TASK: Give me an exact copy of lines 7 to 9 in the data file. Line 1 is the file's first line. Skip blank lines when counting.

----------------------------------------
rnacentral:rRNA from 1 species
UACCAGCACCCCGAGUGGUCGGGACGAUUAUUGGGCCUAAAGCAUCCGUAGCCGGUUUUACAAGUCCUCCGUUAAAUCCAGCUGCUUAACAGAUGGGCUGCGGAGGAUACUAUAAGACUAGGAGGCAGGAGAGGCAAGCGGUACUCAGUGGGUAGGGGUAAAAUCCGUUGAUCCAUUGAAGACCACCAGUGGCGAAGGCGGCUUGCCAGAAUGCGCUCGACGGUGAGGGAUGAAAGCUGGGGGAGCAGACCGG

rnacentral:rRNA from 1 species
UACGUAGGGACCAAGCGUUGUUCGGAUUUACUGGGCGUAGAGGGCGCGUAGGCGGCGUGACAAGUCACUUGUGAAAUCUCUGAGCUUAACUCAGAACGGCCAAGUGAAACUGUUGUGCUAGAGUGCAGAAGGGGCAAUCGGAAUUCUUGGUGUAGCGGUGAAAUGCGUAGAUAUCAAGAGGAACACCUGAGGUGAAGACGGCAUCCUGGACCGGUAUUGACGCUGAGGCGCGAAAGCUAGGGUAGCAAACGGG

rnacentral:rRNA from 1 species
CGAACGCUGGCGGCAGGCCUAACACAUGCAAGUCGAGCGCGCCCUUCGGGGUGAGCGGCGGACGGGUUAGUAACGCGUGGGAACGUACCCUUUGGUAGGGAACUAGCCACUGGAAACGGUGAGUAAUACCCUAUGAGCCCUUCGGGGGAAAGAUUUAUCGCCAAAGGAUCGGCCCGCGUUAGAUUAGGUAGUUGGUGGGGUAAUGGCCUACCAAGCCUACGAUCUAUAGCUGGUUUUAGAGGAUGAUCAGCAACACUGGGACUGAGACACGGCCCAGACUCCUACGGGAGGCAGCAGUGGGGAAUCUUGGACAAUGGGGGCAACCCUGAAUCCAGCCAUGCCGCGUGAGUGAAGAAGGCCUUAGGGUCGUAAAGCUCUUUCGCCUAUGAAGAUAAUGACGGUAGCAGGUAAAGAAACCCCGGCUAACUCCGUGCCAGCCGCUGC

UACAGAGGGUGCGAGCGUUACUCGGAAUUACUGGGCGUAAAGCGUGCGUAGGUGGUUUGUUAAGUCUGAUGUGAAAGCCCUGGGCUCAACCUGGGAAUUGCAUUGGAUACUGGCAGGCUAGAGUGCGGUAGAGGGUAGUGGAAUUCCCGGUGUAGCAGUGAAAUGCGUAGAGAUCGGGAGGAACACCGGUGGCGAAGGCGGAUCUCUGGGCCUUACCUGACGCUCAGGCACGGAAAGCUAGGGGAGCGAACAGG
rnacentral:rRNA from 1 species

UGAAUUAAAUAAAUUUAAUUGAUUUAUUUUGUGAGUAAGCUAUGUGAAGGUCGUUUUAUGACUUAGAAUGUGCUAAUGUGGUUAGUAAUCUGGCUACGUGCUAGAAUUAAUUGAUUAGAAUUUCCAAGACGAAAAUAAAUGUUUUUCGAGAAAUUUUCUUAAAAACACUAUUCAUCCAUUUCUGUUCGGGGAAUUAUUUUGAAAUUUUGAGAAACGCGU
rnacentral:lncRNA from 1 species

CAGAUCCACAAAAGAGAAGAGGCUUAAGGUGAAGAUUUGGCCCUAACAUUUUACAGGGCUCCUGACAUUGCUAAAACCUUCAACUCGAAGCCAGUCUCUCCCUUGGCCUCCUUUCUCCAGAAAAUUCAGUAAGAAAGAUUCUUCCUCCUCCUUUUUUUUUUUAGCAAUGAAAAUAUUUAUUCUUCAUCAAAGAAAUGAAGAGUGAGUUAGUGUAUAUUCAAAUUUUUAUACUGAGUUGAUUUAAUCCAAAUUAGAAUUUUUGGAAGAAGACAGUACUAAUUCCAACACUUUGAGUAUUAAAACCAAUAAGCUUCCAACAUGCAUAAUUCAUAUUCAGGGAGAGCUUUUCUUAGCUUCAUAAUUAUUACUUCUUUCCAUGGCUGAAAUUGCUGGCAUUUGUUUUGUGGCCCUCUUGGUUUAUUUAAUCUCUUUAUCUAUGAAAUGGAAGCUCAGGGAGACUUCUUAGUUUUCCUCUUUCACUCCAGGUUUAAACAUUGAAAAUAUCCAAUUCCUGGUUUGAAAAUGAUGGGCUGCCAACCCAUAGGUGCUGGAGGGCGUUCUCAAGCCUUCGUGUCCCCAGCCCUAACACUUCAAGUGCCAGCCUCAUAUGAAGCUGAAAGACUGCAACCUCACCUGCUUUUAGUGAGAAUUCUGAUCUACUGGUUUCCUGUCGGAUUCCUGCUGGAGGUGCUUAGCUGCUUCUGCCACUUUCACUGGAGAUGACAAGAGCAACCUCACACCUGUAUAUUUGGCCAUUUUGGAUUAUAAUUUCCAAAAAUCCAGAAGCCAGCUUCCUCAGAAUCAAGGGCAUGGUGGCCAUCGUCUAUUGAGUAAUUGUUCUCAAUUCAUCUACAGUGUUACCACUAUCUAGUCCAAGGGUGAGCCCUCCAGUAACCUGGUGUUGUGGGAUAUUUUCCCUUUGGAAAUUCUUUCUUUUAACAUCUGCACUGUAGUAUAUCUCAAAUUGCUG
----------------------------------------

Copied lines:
UACAGAGGGUGCGAGCGUUACUCGGAAUUACUGGGCGUAAAGCGUGCGUAGGUGGUUUGUUAAGUCUGAUGUGAAAGCCCUGGGCUCAACCUGGGAAUUGCAUUGGAUACUGGCAGGCUAGAGUGCGGUAGAGGGUAGUGGAAUUCCCGGUGUAGCAGUGAAAUGCGUAGAGAUCGGGAGGAACACCGGUGGCGAAGGCGGAUCUCUGGGCCUUACCUGACGCUCAGGCACGGAAAGCUAGGGGAGCGAACAGG
rnacentral:rRNA from 1 species

UGAAUUAAAUAAAUUUAAUUGAUUUAUUUUGUGAGUAAGCUAUGUGAAGGUCGUUUUAUGACUUAGAAUGUGCUAAUGUGGUUAGUAAUCUGGCUACGUGCUAGAAUUAAUUGAUUAGAAUUUCCAAGACGAAAAUAAAUGUUUUUCGAGAAAUUUUCUUAAAAACACUAUUCAUCCAUUUCUGUUCGGGGAAUUAUUUUGAAAUUUUGAGAAACGCGU